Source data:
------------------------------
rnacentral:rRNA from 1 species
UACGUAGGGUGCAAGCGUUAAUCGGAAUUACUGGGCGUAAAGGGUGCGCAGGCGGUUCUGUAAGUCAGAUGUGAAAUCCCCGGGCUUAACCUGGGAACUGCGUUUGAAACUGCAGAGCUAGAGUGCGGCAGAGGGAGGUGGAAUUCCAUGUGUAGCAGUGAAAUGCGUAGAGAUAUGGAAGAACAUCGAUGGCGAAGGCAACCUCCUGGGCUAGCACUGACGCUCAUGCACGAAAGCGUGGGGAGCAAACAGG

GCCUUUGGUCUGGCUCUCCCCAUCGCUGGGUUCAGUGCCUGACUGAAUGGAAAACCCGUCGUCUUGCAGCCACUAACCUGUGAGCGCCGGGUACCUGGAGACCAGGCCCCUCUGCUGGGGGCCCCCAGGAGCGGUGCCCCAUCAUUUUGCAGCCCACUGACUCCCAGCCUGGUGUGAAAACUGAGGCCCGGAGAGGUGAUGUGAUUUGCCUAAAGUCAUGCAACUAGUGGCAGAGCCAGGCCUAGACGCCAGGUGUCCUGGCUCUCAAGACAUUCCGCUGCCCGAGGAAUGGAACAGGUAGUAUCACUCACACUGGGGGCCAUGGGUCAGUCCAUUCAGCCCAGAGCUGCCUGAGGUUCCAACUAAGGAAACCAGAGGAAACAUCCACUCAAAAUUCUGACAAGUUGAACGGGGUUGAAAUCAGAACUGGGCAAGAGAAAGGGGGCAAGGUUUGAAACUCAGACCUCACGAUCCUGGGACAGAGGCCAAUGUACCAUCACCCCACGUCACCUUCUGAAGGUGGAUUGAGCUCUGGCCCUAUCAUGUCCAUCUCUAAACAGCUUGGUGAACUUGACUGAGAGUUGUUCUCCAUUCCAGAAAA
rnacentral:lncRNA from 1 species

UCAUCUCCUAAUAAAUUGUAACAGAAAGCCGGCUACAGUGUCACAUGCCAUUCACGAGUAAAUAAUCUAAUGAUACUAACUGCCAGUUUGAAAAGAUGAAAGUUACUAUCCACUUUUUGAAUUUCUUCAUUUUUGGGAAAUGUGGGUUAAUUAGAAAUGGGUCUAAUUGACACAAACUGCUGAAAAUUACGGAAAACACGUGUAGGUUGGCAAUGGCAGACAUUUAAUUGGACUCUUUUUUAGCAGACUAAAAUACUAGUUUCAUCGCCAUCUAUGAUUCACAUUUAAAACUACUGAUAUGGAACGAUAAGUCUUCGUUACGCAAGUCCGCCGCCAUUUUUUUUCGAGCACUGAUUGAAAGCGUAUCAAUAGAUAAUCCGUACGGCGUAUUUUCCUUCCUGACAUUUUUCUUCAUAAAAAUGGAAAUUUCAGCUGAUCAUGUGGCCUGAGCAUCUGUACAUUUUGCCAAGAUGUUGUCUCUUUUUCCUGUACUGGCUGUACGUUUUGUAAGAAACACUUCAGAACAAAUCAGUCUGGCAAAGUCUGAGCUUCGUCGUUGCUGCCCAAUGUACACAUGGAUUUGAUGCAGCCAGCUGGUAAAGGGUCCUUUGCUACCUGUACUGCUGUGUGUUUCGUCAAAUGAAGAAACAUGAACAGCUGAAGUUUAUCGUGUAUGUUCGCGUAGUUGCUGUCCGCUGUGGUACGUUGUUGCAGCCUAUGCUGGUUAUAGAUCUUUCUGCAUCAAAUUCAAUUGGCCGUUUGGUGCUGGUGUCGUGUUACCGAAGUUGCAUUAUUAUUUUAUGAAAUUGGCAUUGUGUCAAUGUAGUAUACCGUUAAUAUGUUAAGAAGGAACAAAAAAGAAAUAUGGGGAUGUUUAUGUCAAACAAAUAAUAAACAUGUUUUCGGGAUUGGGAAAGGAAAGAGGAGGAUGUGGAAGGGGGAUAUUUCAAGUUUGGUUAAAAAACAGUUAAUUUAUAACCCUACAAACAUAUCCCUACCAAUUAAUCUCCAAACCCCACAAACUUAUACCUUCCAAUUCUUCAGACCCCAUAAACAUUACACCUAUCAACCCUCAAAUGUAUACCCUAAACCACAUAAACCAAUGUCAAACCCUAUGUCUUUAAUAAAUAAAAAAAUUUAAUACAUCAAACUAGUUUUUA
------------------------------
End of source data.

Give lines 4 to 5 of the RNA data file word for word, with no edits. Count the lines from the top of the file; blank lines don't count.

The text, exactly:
rnacentral:lncRNA from 1 species

UCAUCUCCUAAUAAAUUGUAACAGAAAGCCGGCUACAGUGUCACAUGCCAUUCACGAGUAAAUAAUCUAAUGAUACUAACUGCCAGUUUGAAAAGAUGAAAGUUACUAUCCACUUUUUGAAUUUCUUCAUUUUUGGGAAAUGUGGGUUAAUUAGAAAUGGGUCUAAUUGACACAAACUGCUGAAAAUUACGGAAAACACGUGUAGGUUGGCAAUGGCAGACAUUUAAUUGGACUCUUUUUUAGCAGACUAAAAUACUAGUUUCAUCGCCAUCUAUGAUUCACAUUUAAAACUACUGAUAUGGAACGAUAAGUCUUCGUUACGCAAGUCCGCCGCCAUUUUUUUUCGAGCACUGAUUGAAAGCGUAUCAAUAGAUAAUCCGUACGGCGUAUUUUCCUUCCUGACAUUUUUCUUCAUAAAAAUGGAAAUUUCAGCUGAUCAUGUGGCCUGAGCAUCUGUACAUUUUGCCAAGAUGUUGUCUCUUUUUCCUGUACUGGCUGUACGUUUUGUAAGAAACACUUCAGAACAAAUCAGUCUGGCAAAGUCUGAGCUUCGUCGUUGCUGCCCAAUGUACACAUGGAUUUGAUGCAGCCAGCUGGUAAAGGGUCCUUUGCUACCUGUACUGCUGUGUGUUUCGUCAAAUGAAGAAACAUGAACAGCUGAAGUUUAUCGUGUAUGUUCGCGUAGUUGCUGUCCGCUGUGGUACGUUGUUGCAGCCUAUGCUGGUUAUAGAUCUUUCUGCAUCAAAUUCAAUUGGCCGUUUGGUGCUGGUGUCGUGUUACCGAAGUUGCAUUAUUAUUUUAUGAAAUUGGCAUUGUGUCAAUGUAGUAUACCGUUAAUAUGUUAAGAAGGAACAAAAAAGAAAUAUGGGGAUGUUUAUGUCAAACAAAUAAUAAACAUGUUUUCGGGAUUGGGAAAGGAAAGAGGAGGAUGUGGAAGGGGGAUAUUUCAAGUUUGGUUAAAAAACAGUUAAUUUAUAACCCUACAAACAUAUCCCUACCAAUUAAUCUCCAAACCCCACAAACUUAUACCUUCCAAUUCUUCAGACCCCAUAAACAUUACACCUAUCAACCCUCAAAUGUAUACCCUAAACCACAUAAACCAAUGUCAAACCCUAUGUCUUUAAUAAAUAAAAAAAUUUAAUACAUCAAACUAGUUUUUA